All rock climbing routes on the Upper and Lower Washbowl Cliffs will be closed to allow peregrine falcons to nest.
Jack Rabbit Trail
Beaver activity has flooded some parts of the Jack Rabbit Trail; check the ice before crossing.
Corey’s Road remains closed beyond the Raquette River Trailhead. The gate and access to the summer parking lot will reopen on May 15 unless the weather prevents the road from drying and hardening.
Elk Lake Trailhead
The trail from the Elk Lake Trailhead located on the privately-owned Elk Lake Easement Lands is open. Elk Lake Road is still closed to public motor vehicle access beyond the Clear Pond Gate until the end of the spring mud season. Park in the parking area at the Clear Pond Gate and ski, snowshoe, or hike the two miles to Elk Lake Trailhead.
Calamity Brook Trail
The high water trail bridge on Calamity Trail is unsafe and unusable at this time. Crossing the brook, which is open at this time, without using the bridge would be very difficult, particularly during high water. On warm and rainy days the water levels in the brook will be higher in the afternoon; plan accordingly.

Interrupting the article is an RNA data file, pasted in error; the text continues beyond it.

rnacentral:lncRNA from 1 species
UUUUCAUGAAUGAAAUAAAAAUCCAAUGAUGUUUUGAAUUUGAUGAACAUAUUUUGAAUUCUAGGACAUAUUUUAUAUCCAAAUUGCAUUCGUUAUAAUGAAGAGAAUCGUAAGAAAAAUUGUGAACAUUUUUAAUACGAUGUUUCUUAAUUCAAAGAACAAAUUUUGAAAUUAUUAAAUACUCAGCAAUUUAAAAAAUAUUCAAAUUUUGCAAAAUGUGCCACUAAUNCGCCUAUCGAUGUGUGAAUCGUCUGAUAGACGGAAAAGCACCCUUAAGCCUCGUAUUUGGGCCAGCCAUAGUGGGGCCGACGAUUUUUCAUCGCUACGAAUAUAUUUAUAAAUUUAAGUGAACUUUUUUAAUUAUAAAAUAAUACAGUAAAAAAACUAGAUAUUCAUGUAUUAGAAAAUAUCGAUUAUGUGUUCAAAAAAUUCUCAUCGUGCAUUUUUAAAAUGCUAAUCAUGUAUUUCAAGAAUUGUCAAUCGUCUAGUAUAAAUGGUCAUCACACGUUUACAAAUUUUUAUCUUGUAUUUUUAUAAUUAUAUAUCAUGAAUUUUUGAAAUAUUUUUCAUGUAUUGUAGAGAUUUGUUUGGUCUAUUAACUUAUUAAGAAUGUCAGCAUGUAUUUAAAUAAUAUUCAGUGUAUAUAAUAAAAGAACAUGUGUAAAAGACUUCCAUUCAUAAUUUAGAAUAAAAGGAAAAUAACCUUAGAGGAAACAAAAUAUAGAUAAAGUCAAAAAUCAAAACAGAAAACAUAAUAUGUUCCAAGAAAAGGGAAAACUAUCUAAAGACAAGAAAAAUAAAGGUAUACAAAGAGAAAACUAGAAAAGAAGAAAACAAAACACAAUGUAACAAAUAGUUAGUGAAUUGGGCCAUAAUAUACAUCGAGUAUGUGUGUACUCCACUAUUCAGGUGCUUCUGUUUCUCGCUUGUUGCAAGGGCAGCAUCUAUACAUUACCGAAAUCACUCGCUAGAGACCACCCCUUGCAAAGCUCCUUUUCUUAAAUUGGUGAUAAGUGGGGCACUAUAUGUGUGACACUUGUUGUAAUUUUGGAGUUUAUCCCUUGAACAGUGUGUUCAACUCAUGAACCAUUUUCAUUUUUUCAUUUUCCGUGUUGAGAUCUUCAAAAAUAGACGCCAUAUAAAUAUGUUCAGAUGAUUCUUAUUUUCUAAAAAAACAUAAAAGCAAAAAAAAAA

The East River Trail (also known as the Opalescent River/Hanging Spear Falls Trail) can be used to access the Flowed Lands and Lake Colden. It’s an additional 3.7 miles one-way to reach the Flowed Lands when you use this route. The DEC will work to stabilize and repair the high water bridge this spring.
Mt. Adams Fire Tower
The top landing on the Mt. Adams Fire Tower has been damaged by ice and wind. Fencing and railings were broken off and the tower stairs and landings are slippery. The top landing and the cab are closed to the public at this time. DEC plans to repair the tower this year.
Gulf Brook Road
The lower gate on this road near Blue Ridge Road is closed and locked. Public motor vehicle use is prohibited until the end of spring mud season.
Boreas Ponds Tract
The Interim Access Plan for the Boreas Ponds Tract has been developed, opening up new recreational opportunities:
- 3.2 miles of seasonal motor vehicle access on Gulf Brook Road
- 6.7 miles of roadway open to bicycling from Blue Ridge Road to Boreas Ponds Dam
- About 25 miles of 7 roadways open to horses and horse-drawn wagons
- 5 year-round parking areas and 3 seasonal parking areas
The five exterior parking lots along Blue Ridge Road and Elk Lake road will be plowed.
The lands of this tract are unclassified at this time. The Interim Access Plan does not have any bearing on future land classification of the tract currently in development and does not prejudge what access and uses will be allowed in the future. The public is prohibited from trespassing in and around the leased camps.